In the follow up to Nervous Conditions and The Book of Not, Tambudzai has reached middle age and distress over the failure of her high level of Western education to improve her financial circumstances, a fact that leads her to reconnect with her ancestral village and family.
Dangarembga writes with intimacy and compassion; there’s a sharp poetic crack to the work that keeps the story from muddying in melancholy, as it might in the hands of a less cinematic writer ... Both novels are inspiring, not in spite of Tambu’s hopeless situation but because through it all she never loses sight of herself while, at the same time, never underestimating the brutal reality of her predicament. In this regard, This Mournable Body is a story of triumph, not despair.
The book demands that its readers witness the personhood behind the experience of postcolonial violence in Dangarembga’s native Zimbabwe, one corner of the world that often goes unconsidered ... In This Mournable Body, the author’s uncompromising second-person voice insists that you, the reader, identify with Zimbabwe’s plight at the turn of the millennium ... Dangarembga investigates the ironic psychological demands of global capitalism on a country whose citizens have been fractured by that system. Complex and flawed, they are more than symbols. This Mournable Body makes their struggles visible ... She often writes the harshest scenes so obliquely that I had to reread them two or three times to decipher what unfolded. At first, this seemed like a flaw. But as I found the book’s rhythm, its effectiveness became clear: the subtlety forces our attention onto outrages ... This Mournable Body, set in the neocolonial milieu, brings the issue of consent into lurid relief ... Dangarembga is doing something sly and layered here. She romanticizes her country for a Western reader even as she makes an example of Tambu for doing the same. The book makes you, the reader, complicit too.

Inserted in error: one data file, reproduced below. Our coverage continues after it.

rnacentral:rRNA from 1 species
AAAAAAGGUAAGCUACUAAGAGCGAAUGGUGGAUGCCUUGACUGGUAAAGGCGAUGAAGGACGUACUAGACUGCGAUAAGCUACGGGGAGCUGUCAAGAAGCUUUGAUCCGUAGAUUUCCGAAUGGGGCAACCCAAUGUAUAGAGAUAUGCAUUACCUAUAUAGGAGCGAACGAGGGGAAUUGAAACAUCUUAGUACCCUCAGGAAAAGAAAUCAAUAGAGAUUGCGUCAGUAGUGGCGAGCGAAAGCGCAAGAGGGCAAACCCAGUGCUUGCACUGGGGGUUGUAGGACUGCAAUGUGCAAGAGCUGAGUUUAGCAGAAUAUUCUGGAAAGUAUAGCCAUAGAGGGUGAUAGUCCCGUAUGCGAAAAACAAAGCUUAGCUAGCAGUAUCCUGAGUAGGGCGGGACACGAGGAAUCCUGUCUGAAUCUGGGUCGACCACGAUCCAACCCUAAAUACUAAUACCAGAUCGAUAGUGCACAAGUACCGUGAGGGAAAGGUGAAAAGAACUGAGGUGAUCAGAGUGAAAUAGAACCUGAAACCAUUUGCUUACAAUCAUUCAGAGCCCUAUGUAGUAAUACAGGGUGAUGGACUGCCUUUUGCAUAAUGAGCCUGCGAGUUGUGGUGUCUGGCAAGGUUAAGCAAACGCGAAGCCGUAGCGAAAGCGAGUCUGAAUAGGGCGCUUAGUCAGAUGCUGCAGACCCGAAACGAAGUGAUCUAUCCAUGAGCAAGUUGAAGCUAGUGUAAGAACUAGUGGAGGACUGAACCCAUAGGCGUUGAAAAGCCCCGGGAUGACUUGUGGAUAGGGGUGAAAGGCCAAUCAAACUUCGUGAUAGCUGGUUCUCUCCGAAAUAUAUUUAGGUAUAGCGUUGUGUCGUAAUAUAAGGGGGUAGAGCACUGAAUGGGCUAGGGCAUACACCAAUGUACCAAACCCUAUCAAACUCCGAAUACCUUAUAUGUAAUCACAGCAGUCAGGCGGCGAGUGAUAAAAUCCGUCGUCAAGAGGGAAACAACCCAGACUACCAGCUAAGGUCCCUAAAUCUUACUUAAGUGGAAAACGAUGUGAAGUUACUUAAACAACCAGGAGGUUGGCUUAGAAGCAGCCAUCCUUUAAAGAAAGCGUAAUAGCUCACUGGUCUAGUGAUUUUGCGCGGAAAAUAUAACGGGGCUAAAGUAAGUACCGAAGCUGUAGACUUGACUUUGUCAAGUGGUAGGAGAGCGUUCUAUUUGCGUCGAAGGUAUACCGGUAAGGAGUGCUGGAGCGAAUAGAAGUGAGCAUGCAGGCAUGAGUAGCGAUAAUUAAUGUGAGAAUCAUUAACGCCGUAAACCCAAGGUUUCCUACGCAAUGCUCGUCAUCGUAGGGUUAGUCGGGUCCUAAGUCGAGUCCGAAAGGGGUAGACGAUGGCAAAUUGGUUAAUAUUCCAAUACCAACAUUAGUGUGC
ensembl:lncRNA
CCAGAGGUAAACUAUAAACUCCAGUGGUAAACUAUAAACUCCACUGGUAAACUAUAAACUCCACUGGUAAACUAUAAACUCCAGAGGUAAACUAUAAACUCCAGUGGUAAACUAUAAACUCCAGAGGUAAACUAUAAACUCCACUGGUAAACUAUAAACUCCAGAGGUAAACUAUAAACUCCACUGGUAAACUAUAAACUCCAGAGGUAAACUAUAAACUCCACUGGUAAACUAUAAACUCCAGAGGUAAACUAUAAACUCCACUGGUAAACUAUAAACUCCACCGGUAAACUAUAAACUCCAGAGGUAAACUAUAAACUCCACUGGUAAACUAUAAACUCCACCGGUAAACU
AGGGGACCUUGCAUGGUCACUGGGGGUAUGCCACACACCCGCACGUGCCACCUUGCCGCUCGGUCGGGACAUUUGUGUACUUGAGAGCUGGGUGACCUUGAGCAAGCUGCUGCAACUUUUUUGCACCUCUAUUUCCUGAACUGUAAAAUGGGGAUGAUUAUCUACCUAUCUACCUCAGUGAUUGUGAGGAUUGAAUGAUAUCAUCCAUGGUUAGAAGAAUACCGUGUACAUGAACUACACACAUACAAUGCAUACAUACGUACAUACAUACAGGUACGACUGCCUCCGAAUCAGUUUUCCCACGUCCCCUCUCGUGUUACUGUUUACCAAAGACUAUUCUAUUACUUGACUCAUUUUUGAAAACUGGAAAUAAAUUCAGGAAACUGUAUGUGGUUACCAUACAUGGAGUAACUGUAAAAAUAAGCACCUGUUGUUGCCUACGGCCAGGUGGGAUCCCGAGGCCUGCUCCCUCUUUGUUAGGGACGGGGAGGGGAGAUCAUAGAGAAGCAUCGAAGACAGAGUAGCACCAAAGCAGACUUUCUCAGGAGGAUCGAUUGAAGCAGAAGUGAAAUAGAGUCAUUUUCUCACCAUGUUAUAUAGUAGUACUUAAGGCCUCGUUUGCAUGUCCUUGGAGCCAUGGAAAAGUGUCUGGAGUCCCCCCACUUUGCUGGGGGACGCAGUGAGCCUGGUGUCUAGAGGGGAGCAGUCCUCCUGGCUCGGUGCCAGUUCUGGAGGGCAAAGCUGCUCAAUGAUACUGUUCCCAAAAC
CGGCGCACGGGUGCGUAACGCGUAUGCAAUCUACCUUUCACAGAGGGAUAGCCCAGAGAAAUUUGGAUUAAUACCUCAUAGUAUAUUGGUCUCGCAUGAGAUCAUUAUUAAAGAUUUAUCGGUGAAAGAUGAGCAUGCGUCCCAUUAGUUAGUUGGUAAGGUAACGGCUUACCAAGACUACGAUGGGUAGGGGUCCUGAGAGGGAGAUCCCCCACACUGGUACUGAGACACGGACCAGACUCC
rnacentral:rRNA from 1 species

Author Tsitsi Dangarembga, who lives in Zimbabwe, writes this often grim story with a great deal of wit ... Dangarembga gives us something rare: a sparkling antiheroine we find ourselves rooting for ... Tambu can be seen as a symbol as well as a character: Her striving to become prosperous amid dysfunction echoes modern Zimbabwe’s ongoing struggle to outgrow stifling corruption.